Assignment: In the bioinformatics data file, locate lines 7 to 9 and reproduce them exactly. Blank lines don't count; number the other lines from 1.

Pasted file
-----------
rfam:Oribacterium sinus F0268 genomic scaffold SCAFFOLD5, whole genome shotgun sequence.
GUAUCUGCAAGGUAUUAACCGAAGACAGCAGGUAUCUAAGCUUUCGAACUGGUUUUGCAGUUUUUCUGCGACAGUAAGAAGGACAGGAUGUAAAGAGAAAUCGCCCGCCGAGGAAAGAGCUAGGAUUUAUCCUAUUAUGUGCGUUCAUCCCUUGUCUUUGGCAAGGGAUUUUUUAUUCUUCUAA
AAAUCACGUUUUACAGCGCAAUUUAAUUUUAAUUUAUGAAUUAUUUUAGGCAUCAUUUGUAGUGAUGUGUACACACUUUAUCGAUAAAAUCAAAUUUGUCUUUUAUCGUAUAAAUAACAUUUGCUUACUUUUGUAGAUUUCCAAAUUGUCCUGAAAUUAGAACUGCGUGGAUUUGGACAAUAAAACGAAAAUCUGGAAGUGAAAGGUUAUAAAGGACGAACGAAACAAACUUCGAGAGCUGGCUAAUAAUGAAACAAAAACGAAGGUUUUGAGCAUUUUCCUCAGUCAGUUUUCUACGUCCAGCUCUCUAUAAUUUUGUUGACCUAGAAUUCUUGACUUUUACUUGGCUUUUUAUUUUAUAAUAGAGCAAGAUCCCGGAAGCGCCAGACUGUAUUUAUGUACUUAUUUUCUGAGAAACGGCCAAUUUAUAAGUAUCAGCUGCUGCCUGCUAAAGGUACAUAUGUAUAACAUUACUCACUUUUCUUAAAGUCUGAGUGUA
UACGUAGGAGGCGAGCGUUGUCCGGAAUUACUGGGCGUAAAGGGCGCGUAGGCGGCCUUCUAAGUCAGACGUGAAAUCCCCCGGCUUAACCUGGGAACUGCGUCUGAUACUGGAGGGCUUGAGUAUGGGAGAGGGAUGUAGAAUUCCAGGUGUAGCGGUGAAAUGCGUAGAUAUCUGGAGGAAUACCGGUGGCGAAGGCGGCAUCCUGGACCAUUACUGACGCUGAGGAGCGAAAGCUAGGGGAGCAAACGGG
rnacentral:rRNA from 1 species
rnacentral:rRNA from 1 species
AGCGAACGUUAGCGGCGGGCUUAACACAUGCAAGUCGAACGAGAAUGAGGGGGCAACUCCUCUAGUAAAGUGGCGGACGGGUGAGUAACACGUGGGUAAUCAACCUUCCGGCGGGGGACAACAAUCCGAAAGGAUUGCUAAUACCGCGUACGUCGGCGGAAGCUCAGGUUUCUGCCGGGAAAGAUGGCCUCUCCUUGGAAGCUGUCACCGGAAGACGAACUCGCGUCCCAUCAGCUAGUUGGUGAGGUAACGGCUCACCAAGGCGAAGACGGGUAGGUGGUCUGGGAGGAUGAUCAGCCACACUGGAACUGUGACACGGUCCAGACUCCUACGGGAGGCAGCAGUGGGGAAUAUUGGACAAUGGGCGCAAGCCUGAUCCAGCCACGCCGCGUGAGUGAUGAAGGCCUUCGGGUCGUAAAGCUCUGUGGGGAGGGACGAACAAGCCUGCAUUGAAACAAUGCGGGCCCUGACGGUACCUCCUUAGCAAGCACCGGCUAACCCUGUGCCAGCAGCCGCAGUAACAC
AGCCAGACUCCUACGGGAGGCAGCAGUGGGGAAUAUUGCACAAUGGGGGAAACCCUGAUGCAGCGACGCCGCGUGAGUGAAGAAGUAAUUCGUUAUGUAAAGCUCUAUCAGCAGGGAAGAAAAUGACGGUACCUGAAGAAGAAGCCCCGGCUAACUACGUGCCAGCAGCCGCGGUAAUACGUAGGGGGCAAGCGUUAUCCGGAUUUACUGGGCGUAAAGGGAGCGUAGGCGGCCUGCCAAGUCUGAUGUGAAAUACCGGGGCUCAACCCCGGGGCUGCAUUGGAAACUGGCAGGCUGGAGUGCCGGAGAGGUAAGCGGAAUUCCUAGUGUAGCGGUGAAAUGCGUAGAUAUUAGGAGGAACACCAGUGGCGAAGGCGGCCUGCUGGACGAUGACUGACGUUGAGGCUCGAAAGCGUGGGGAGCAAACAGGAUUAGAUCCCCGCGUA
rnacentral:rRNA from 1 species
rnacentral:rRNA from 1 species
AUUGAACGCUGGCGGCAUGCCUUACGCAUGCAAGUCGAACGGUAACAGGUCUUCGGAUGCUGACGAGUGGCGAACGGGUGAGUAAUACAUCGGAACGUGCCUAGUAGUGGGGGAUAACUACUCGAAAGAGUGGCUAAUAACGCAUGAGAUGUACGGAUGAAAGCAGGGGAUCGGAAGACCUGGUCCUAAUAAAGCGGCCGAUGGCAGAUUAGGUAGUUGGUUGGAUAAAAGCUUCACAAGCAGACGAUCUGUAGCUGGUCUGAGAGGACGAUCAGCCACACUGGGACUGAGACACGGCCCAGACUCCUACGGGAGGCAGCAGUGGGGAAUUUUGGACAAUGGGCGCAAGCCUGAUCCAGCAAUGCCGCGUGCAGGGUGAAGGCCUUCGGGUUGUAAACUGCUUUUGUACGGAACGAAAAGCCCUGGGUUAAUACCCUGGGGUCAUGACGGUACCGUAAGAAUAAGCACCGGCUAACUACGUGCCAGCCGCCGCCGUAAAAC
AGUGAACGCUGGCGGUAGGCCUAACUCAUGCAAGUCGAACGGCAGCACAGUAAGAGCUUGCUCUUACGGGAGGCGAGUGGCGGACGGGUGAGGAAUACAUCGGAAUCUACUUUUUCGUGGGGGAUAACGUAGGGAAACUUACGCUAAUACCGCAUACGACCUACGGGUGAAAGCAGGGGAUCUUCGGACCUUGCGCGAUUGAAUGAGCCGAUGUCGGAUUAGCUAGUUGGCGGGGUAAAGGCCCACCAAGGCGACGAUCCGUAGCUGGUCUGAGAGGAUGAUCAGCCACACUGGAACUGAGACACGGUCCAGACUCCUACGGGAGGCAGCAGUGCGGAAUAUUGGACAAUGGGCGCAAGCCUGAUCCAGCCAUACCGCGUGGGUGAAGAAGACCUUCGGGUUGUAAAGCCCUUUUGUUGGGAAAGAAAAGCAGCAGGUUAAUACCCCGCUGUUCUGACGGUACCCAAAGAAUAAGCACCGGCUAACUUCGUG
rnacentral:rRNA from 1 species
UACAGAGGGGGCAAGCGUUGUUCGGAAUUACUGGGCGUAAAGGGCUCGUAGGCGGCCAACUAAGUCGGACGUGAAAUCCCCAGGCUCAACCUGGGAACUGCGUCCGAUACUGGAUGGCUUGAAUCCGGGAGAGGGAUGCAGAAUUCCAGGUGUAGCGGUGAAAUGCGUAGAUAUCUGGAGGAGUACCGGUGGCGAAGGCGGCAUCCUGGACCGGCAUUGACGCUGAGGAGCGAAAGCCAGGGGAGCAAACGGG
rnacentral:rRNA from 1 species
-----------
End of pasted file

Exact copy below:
AGCGAACGUUAGCGGCGGGCUUAACACAUGCAAGUCGAACGAGAAUGAGGGGGCAACUCCUCUAGUAAAGUGGCGGACGGGUGAGUAACACGUGGGUAAUCAACCUUCCGGCGGGGGACAACAAUCCGAAAGGAUUGCUAAUACCGCGUACGUCGGCGGAAGCUCAGGUUUCUGCCGGGAAAGAUGGCCUCUCCUUGGAAGCUGUCACCGGAAGACGAACUCGCGUCCCAUCAGCUAGUUGGUGAGGUAACGGCUCACCAAGGCGAAGACGGGUAGGUGGUCUGGGAGGAUGAUCAGCCACACUGGAACUGUGACACGGUCCAGACUCCUACGGGAGGCAGCAGUGGGGAAUAUUGGACAAUGGGCGCAAGCCUGAUCCAGCCACGCCGCGUGAGUGAUGAAGGCCUUCGGGUCGUAAAGCUCUGUGGGGAGGGACGAACAAGCCUGCAUUGAAACAAUGCGGGCCCUGACGGUACCUCCUUAGCAAGCACCGGCUAACCCUGUGCCAGCAGCCGCAGUAACAC
AGCCAGACUCCUACGGGAGGCAGCAGUGGGGAAUAUUGCACAAUGGGGGAAACCCUGAUGCAGCGACGCCGCGUGAGUGAAGAAGUAAUUCGUUAUGUAAAGCUCUAUCAGCAGGGAAGAAAAUGACGGUACCUGAAGAAGAAGCCCCGGCUAACUACGUGCCAGCAGCCGCGGUAAUACGUAGGGGGCAAGCGUUAUCCGGAUUUACUGGGCGUAAAGGGAGCGUAGGCGGCCUGCCAAGUCUGAUGUGAAAUACCGGGGCUCAACCCCGGGGCUGCAUUGGAAACUGGCAGGCUGGAGUGCCGGAGAGGUAAGCGGAAUUCCUAGUGUAGCGGUGAAAUGCGUAGAUAUUAGGAGGAACACCAGUGGCGAAGGCGGCCUGCUGGACGAUGACUGACGUUGAGGCUCGAAAGCGUGGGGAGCAAACAGGAUUAGAUCCCCGCGUA
rnacentral:rRNA from 1 species